It's the first Brier experience for the 2001 Canadian and world junior champion. Like PEI's Suzanne Gaudet at the Hearts, Gushue is an assured competitor and will have a shot to win some big games.

Harris: "Brad's maybe a dark horse to make the playoffs, but he's going to have to play his best all the time. He's got the talent, but the question is can he handle the pressure of the Brier?

"It's sort of the Gaudet story of the Brier. She sailed through the round robin but got beat squarely by two veteran teams in the playoffs. But since the Brier field is much more competitive this year, it will be hard for Brad to match that kind of success."

Playoffs? An outside chance.

Nova Scotia Skip: Mark Dacey

Dacey is making his third Brier appearance, and Halifax audiences may remember him as the third for Saskatchewan in the 1995 finals. He's also the reigning Canadian mixed champion.

Harris: "Mark's one of those teams that could make the playoffs because they have a lot going for them. Nova Scotia is one of the more competitive provinces in the Maritimes, and of course he'll have the hometown thing going for him in Halifax. In fact, the last time he was in a final was in Halifax, so he has plenty of good vibes in that building."

Playoffs? A contender.

Northern Ontario Skip: Scott Henderson

Henderson makes his third appearance and his first as skip.

Harris: "Another good team that can beat anybody, but for them to win consistently through the week will be tough. Six wins would be a great result for them."

Playoffs? Not likely.

Ontario Skip: Bryan Cochrane

Cochrane will leave a lasting impression in his first Brier appearance, if only for the fact that he will likely be using a whistle to communicate with teammates because of a throat disorder. A chronic growth on his vocal cord requires laser surgery every six to eight months.

Harris: "Cochrane played phenomenally well at provincials. It's the best I've ever seen him play. But they'll likely end up middle of the pack at around 5-6. Cochrane is capable of beating anybody, but I'd be surprised if he contended for the playoffs."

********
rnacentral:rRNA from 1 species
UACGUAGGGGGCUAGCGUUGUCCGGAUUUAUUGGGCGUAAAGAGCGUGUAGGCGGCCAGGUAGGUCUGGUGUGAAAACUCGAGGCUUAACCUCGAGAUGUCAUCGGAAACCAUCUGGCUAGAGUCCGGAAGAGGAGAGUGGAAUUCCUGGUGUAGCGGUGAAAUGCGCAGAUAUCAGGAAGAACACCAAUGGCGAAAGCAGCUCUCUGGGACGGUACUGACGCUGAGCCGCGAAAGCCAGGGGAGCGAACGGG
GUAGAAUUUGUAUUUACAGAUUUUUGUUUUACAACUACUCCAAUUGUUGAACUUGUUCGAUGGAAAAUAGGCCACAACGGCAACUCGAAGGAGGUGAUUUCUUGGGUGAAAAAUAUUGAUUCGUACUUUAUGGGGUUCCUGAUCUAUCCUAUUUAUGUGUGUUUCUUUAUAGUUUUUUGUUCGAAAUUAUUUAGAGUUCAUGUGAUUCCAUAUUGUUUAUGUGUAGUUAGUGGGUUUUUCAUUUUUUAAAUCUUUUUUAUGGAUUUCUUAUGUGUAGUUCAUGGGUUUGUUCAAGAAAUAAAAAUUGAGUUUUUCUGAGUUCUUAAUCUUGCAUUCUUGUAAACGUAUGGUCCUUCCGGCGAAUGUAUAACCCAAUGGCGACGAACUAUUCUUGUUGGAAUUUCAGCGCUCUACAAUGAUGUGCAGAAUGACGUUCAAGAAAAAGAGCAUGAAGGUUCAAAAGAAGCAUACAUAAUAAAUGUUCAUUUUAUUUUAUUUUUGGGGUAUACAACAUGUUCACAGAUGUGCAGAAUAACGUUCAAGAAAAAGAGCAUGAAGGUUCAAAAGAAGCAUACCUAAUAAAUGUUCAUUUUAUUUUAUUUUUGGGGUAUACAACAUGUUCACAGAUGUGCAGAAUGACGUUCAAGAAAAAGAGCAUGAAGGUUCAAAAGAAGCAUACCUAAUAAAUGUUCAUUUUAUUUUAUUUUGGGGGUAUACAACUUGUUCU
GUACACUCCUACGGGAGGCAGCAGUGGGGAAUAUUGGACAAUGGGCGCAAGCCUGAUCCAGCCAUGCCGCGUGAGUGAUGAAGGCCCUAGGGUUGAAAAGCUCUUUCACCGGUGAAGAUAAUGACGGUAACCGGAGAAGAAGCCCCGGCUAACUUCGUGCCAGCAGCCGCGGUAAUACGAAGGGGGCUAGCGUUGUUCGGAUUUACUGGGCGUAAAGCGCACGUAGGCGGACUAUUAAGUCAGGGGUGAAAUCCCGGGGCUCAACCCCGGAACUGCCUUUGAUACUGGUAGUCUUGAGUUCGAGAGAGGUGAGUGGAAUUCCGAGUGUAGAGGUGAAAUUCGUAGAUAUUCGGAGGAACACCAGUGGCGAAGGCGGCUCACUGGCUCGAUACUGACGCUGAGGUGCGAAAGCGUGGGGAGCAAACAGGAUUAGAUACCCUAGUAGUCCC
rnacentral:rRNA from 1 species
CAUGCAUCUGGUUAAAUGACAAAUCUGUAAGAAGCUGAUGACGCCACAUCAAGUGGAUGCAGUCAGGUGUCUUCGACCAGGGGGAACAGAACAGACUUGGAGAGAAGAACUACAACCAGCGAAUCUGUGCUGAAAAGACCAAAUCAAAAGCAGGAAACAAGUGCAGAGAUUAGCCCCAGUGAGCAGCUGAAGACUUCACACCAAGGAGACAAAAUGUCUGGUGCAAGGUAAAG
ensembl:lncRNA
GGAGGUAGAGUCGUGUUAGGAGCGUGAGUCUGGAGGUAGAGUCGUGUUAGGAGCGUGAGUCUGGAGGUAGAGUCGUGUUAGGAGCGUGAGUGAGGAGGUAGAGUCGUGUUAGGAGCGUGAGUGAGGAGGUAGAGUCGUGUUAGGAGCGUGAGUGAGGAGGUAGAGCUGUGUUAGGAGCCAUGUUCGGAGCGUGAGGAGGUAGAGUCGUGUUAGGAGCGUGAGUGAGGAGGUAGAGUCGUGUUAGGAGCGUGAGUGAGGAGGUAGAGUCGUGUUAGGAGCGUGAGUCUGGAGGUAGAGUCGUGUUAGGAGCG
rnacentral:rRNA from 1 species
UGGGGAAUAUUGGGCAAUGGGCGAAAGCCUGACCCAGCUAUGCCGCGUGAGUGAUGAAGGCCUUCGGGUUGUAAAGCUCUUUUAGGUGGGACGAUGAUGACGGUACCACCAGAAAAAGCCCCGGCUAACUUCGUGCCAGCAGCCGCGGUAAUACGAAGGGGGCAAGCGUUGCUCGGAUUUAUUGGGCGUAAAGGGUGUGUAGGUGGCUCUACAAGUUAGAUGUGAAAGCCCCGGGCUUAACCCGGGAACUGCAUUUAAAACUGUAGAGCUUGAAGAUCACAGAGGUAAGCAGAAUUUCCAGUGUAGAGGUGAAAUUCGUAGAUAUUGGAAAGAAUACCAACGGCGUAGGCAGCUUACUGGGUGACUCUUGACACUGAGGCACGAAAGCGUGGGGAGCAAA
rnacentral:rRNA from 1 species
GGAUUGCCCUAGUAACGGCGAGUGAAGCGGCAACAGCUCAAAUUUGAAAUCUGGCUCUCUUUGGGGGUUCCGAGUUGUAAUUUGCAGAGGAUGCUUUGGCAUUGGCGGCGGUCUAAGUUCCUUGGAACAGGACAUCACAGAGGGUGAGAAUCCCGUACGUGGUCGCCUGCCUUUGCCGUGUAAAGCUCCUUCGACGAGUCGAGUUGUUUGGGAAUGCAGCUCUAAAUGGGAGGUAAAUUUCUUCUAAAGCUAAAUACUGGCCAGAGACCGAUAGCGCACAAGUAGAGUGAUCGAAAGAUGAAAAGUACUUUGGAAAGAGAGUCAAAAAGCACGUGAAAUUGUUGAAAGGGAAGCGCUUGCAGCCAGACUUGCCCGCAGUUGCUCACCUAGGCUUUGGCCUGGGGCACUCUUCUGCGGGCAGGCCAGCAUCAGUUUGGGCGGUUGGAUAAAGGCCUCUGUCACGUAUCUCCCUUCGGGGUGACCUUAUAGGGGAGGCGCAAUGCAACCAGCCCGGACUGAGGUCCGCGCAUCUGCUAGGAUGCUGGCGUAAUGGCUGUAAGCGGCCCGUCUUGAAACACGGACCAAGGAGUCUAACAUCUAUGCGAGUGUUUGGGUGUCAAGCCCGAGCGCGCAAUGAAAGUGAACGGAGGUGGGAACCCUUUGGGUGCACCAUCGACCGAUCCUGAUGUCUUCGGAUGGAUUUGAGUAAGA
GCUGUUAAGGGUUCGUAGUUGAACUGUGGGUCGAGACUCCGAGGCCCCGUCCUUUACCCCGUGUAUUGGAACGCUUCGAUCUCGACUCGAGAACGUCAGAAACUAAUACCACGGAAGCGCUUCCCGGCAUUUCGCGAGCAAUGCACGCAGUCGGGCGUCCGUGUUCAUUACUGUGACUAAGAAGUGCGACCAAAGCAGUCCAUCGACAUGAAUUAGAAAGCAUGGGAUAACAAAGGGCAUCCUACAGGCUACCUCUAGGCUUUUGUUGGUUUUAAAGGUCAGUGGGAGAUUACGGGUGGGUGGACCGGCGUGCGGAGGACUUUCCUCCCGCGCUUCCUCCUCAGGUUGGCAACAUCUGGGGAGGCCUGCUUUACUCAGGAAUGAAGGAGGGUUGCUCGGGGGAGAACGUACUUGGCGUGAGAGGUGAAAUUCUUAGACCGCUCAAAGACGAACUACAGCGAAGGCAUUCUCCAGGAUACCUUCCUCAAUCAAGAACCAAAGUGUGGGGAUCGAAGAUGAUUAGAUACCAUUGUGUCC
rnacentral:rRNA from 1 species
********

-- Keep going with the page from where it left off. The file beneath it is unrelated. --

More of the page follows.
Playoffs? Unlikely.

PEI Skip: Robert Campbell

Robert Campbell is no stranger to the Brier; this will be his seventh showing. The rest of his crew -- Kevin Champion, Phil Gorveatt and Mike Dillon -- will be making their Brier debuts.

Mike Harris: "Robert's bringing a new team to the Brier this year, and I doubt they'll make the playoffs with the depth of this field. He always seems to be just on the verge of breaking through but never quite makes it, and I don't expect him to this year."

Playoffs? Unlikely.

Quebec Skip: Guy Hemmings

Curling's showman loves the Brier so much he eschewed the pro circuit for a shot to play there. It's his fourth time here, with two runner-up showings, in 1998 and 1999. Mike Harris: "Of course, everybody in the buiding is going to be loving Guy this week. I'd say he's one of four teams vying for the final spot, but for him to go all the way in this field will be difficult.

"He's streaky. You never know which Guy is going to show up, but he's certainly in his environment at the Brier."

Playoffs? A top contender.

Saskatchewan Skip: Doug Harcourt

Harcourt's crew returns for a third go-round and are still trying to break through. But Harris says they should not be underestimated.

Harris: "They've gone into their last two appearances with high expectations and haven't made it to the playoff yet. But I still would expect them to challenge again for playoff position. They're a good team."

Playoffs? In the hunt.

Yukon/Northwest Territories Skip: Chad Cowan

Cowan also played in 2000, but once again, not much is expected from the team from the territories.

Harris: "He's going to be hard-pressed again to make the playoffs with the depth of this field. He'd do well to win four games during the tournament."

Playoffs? No.